Before we run any G-Code program, we need to tell the machine where our part zero is.
A Part Zero is simply a bunch of numbers that offset the axis to give the machine a new coordinate point to work from.
Work Offsets is one of the most basic pieces of knowledge any machinist must-have.
Let us account for all the basic coordinate systems and definitions, available in a generic CNC machine
- Machine Home and (Absolute) Machine Coordinates
- Work Offset Coordinates
- Tool Length Offsets
Machine Home and Machine Coordinates: G53
Machine Coordinates (or Absolute Coordinates) is the absolute and constant representation of the machine axis position.
These coordinates never change between Machine Restarts and must remain such. In fact, there is often no way for an operator to adjust the Absolute Machine Axis Home position.
Machine Home is simply that magical place where all Machine Coordinates should become Zero.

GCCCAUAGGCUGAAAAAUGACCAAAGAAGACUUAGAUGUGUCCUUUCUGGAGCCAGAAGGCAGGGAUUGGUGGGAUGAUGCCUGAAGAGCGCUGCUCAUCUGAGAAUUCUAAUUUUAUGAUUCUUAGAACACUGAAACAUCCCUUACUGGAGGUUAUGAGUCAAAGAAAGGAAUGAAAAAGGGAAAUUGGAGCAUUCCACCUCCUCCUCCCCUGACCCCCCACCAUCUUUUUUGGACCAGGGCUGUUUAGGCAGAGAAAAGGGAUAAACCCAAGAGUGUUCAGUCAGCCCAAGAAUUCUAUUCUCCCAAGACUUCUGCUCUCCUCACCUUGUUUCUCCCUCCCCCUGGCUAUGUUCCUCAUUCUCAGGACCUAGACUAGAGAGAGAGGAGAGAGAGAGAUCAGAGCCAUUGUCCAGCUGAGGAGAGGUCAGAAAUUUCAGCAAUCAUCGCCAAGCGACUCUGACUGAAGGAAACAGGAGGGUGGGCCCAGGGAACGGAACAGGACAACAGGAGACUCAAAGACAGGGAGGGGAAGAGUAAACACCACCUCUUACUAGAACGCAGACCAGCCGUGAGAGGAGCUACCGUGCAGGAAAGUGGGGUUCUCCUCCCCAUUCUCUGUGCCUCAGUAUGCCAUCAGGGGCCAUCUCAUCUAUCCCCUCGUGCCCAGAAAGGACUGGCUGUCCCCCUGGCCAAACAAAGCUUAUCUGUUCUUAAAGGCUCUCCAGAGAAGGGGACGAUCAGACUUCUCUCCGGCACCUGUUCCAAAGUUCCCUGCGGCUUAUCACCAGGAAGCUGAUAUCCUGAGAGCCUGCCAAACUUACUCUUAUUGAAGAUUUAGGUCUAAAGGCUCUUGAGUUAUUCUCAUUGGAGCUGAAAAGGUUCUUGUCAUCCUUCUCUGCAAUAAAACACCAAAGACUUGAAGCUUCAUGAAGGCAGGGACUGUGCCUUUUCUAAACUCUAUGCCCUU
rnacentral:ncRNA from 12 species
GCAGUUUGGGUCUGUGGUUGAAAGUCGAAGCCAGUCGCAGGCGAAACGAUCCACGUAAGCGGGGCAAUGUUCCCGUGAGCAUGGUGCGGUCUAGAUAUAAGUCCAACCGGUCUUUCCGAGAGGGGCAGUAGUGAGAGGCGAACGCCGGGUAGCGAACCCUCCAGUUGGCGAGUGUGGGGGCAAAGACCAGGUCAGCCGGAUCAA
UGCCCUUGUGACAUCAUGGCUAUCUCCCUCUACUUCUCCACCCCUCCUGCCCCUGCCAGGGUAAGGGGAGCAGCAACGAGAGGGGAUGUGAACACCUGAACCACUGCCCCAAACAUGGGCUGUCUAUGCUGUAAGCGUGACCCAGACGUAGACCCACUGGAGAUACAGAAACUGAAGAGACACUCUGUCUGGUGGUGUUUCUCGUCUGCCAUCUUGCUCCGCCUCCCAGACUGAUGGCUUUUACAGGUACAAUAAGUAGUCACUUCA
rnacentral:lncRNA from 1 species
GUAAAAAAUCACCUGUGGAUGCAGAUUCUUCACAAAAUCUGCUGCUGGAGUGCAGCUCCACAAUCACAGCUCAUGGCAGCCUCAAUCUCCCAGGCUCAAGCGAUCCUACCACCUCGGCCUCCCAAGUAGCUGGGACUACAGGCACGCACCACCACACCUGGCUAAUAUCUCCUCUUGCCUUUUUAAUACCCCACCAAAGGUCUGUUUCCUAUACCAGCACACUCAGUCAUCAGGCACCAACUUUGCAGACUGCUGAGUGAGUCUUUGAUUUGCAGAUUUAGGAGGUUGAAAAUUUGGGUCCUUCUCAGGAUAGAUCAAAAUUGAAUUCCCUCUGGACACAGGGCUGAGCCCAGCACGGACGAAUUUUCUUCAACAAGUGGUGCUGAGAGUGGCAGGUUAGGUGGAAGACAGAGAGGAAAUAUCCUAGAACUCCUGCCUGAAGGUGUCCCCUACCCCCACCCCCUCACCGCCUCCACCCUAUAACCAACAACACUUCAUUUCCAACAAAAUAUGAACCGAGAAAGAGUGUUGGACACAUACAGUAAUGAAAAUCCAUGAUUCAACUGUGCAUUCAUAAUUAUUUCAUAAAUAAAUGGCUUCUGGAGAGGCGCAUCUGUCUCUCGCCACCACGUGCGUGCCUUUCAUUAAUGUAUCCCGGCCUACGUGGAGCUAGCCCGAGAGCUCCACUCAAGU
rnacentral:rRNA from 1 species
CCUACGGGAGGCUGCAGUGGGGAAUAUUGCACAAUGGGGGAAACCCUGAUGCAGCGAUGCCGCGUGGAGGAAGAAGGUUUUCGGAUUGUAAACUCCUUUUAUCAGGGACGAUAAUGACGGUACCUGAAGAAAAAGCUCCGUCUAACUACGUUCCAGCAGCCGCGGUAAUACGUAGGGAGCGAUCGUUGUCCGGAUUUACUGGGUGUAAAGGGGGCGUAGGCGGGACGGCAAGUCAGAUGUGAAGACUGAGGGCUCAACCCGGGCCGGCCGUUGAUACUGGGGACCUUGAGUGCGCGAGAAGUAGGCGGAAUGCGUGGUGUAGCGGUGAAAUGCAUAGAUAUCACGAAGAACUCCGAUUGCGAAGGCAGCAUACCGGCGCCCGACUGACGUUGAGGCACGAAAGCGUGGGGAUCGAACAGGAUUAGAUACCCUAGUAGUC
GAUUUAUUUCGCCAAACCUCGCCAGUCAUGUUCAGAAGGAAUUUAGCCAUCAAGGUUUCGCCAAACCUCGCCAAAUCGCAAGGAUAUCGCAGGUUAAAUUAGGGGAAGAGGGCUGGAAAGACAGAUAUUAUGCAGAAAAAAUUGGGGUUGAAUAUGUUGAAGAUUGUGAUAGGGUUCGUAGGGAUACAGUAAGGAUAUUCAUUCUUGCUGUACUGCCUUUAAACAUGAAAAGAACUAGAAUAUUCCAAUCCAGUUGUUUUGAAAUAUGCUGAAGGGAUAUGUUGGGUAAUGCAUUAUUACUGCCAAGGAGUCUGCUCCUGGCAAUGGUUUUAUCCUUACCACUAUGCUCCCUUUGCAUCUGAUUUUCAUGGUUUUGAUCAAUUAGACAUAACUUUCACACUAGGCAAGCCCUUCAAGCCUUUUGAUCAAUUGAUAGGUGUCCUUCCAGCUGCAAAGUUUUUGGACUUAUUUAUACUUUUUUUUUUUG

To Home the Machine is to start a machine operation, that will move all Axis to their soft limit position where X, Y, and Z-axis reading will be set to zero.
Homing must be done every time you restart your machine. Without it machine does not know where is the position of its table or spindle.
When homed your machine coordinates will read X=0 Y=0 and Z=0 and it is going to look like this:
The point where Machine X and Y intersect is called Table Home Position and the one where the Machine Z-axis starts from is called Spindle Home.
Now, there is no agreement between machine tool manufacturers on where the machine home should be.